By Francis Wade
Washington will reward signs of progress in Burma with a possible increase in aid to the long isolated state, and hopes to negotiate with the government to allow its troops into the country to search for the remains of US soldiers downed over Burma during the Second World War.
Clinton would also seek to reinstate an ambassador to the country, Reuters reported following talks today between the Secretary of State and Burmese President Thein Sein, who has described her visit as “historic”.
The US withdrew its ambassador after Burmese troops launched a bloody crackdown on the infamous 1988 student uprising. In the mid-1990s it slapped sanctions on the country, but tentative reforms made since the new government came to power in March has led to speculation that these will be eased in the near future.
Although officials in Washington remain coy on the future of punitive measures on the government, Clinton is believed to have told Thein Sein that the US would end its blockade of World Bank and IMF programmes in Burma. A delegation from the IMF spent several days in Burma last month to advise on streamlining the country’s multiple exchange rates and other nascent economic reform programmes.
The comments also follow hot on the heels of a warning by Clinton prior to her Burma visit that developing countries should be wary of the exploitative tendencies of donor countries like China.
Despite the fanfare surrounding Clinton’s visit, her rhetoric following talks with senior government officials has been cautious: she said that while the progress has been “encouraging” and that members of the country’s top brass “assured me that progress would continue and broaden”, the extent of reforms remains “insufficient”, AFP reported today.
The search for missing US pilots has been a contentious topic since Washington broke relations with Naypyidaw more than two decades ago. Such an operation would likely involve US troops entering Burma’s mountainous regions, something that would have been impossible under the previous Burmese junta.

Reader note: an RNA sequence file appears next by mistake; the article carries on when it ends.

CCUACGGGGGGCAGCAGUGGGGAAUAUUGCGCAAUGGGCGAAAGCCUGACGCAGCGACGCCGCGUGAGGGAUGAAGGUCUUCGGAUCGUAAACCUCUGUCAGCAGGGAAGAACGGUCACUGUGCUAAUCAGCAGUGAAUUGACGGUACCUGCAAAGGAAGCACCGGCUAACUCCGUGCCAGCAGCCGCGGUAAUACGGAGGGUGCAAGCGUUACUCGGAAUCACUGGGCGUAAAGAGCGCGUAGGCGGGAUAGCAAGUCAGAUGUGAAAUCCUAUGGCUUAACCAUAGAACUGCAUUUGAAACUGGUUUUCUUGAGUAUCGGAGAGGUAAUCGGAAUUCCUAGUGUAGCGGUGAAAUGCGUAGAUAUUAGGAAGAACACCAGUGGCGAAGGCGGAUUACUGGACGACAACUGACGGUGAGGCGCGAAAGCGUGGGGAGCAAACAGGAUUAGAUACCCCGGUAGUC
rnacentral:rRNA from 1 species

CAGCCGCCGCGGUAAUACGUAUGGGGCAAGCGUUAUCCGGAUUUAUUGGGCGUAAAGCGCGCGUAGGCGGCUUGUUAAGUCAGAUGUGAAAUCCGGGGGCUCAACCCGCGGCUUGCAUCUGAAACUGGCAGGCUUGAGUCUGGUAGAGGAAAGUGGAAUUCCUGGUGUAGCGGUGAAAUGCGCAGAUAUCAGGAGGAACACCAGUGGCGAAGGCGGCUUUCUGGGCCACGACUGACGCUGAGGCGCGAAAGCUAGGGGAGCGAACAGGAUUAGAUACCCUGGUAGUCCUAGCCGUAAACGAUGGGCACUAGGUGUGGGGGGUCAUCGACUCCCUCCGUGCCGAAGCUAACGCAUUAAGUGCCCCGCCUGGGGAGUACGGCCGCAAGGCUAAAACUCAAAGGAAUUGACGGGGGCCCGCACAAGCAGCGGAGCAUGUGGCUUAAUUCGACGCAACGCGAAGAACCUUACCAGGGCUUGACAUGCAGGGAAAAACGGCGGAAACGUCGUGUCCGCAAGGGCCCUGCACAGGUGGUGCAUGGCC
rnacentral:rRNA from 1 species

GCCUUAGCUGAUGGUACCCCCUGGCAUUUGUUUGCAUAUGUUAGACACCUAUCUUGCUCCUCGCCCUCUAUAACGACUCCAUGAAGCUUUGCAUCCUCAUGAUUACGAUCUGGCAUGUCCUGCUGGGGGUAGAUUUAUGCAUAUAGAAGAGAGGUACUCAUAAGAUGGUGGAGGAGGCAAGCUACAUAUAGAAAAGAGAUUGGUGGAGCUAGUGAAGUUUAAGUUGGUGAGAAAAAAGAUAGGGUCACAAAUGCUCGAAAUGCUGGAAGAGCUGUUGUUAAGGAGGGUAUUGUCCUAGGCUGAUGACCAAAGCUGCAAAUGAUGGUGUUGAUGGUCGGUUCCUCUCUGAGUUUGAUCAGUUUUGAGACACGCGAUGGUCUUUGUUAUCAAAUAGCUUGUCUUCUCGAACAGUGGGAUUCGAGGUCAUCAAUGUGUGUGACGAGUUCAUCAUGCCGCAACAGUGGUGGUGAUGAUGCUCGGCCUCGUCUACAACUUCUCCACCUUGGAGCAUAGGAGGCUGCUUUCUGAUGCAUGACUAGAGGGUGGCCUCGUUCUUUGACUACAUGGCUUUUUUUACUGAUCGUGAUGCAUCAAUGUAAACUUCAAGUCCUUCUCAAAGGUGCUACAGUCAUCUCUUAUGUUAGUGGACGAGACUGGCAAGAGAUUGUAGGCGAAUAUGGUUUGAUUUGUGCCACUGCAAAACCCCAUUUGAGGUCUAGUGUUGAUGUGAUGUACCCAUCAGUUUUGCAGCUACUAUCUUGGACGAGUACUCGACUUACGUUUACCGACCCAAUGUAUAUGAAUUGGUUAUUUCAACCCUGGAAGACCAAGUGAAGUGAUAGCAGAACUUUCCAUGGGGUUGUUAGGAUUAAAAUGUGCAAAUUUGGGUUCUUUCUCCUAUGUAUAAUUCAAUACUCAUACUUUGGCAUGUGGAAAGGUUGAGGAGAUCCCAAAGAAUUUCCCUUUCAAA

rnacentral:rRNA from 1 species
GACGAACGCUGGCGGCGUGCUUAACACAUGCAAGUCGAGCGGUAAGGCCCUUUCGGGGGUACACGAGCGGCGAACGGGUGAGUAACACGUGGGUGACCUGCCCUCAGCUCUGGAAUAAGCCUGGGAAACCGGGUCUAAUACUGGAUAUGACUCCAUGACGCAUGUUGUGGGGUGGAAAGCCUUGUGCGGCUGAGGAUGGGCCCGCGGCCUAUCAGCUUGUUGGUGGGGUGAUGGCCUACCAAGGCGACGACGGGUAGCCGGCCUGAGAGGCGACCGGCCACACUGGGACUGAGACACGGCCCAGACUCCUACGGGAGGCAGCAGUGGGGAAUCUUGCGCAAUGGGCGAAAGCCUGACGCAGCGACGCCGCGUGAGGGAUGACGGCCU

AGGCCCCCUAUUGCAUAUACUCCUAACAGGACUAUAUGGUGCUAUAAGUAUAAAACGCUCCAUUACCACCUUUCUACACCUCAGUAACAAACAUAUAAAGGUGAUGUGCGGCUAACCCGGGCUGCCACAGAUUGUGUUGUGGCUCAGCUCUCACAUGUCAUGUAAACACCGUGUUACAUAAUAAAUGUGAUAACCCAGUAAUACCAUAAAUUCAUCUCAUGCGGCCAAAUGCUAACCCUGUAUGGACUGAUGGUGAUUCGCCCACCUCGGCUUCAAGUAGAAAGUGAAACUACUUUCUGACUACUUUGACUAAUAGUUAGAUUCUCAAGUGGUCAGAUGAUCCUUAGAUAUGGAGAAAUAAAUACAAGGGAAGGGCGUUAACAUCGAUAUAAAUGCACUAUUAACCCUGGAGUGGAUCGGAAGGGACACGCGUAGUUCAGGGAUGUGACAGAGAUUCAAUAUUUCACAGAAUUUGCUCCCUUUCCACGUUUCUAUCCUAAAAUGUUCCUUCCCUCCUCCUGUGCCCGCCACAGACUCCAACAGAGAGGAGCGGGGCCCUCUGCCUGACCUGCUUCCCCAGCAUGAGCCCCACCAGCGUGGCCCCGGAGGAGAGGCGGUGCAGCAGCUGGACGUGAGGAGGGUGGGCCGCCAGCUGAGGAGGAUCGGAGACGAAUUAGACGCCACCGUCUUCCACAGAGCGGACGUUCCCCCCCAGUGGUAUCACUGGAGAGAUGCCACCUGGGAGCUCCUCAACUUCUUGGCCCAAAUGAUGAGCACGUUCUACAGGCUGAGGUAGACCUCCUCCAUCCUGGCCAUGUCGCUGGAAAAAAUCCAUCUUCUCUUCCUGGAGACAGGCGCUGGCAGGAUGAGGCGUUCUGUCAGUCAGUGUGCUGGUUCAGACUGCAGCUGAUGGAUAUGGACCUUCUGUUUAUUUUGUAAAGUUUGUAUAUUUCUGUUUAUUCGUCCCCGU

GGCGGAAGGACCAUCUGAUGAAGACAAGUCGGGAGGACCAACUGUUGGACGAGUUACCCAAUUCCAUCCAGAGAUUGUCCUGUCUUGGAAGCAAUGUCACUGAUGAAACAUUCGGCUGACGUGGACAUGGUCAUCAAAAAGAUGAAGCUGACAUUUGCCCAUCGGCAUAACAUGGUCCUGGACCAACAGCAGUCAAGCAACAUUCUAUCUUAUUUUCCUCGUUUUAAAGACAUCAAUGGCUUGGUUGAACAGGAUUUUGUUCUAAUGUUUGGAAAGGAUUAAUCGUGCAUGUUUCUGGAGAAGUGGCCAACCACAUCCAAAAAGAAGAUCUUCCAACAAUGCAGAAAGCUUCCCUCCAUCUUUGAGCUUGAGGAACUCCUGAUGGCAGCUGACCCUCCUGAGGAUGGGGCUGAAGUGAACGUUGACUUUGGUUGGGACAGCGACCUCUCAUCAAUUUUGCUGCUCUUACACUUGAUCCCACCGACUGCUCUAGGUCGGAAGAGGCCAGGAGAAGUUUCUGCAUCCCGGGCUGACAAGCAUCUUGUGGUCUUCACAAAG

Following talks in October between Burmese officials and visiting US Assistant Secretary of State Michael Posner, reporters were told that the topic of future military cooperation was broached. While Posner said that it would “have to wait for much further down the line,” analysts believe the search for missing pilots’ remains could be the first step along that path, along with inviting Burma to attend joint US training operations with Thailand.
Also involved in those talks was Derek Mitchell, who was made envoy to Burma earlier this year in keeping with the Tom Lantos Block Burmese JADE Act of 2008, which required the US to compensate for the position left vacant by its removal of an ambassador in the wake of the 1988 protests. The appointment of an ambassador would be a tangible sign that the US is willing to rekindle ties with Burma after years of criticism.
Washington however has made little secret of its anxiety over China’s growing clout in the region, with Clinton penning a seven-page article in Foreign Policy Magazine in September in which she provided a veritable blueprint for America’s re-entry to the Asia-Pacific region, following decades spent watching its strategic influence there wane. Observers believe this is a key catalyst for renewing ties with Burma, which is closely allied to China.